2:45 p.m. Wed.-Sun.: Best Place to Put Milk in Your Tea 

The English Tea Room

You may have noticed the growing number of precious tea houses serving endless varieties of green, jasmine, and white teas -- and perhaps you've even exerted yourself to distinguish the lightly floral tones of White-Tip Oolong from the freshly vegetal flavor of Pearl Dew. Congratulations. But the time will come when, as the busy day wears on, you notice the famous "sinking feeling" of Queen Victoria, who recognized the signal that it was time for tea. Not vaguely scented yellowish water, but good old English tea. That's when you hope you can muster the energy to make it to B.J. Gardner's English Tea Room for a cuppa. If it's not the weekend, you probably won't need to worry about reservations. Gardner is a native of Bath, and though he's been a Pleasanton resident for twenty years or so, his Anglophilia is immediately evident, from the Union Jack out front to the lilt of his "come right in, luv." Though he's a multifaceted entrepreneur, tea takes full priority here: Vestiges of his former antiques business are relegated to display cases along the wall, and the British grocery shop he runs is in the back of the place (so after tea, you can pick up your own Yorkshire Tea blend or "diggy biscuits" to take home). But front and center are the tea tables, serving a selection of set menus, from the lighter Cream Tea with double Devon cream and scones to a hearty high tea with bangers and more. While Gardner has served his fair share of bridal and baby showers, he is quick to point out that tea is not only for the ladies: any gent would feel comfortable ordering the Windsor Savory Tea, which includes sausage rolls and a pork-pie slice.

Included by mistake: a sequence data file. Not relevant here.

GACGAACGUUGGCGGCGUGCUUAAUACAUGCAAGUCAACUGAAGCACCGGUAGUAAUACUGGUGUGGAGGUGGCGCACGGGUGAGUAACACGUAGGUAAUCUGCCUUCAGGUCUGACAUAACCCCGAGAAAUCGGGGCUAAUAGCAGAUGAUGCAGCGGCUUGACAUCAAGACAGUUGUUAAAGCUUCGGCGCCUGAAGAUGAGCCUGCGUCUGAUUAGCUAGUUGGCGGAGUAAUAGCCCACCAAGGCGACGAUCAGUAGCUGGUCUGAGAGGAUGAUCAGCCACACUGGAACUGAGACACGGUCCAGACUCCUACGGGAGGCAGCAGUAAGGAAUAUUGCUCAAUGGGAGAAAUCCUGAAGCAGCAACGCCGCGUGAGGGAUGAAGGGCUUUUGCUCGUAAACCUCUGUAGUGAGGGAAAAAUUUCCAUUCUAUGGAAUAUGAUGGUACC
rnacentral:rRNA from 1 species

Readers' Pick for best teahouse: L'Amyx

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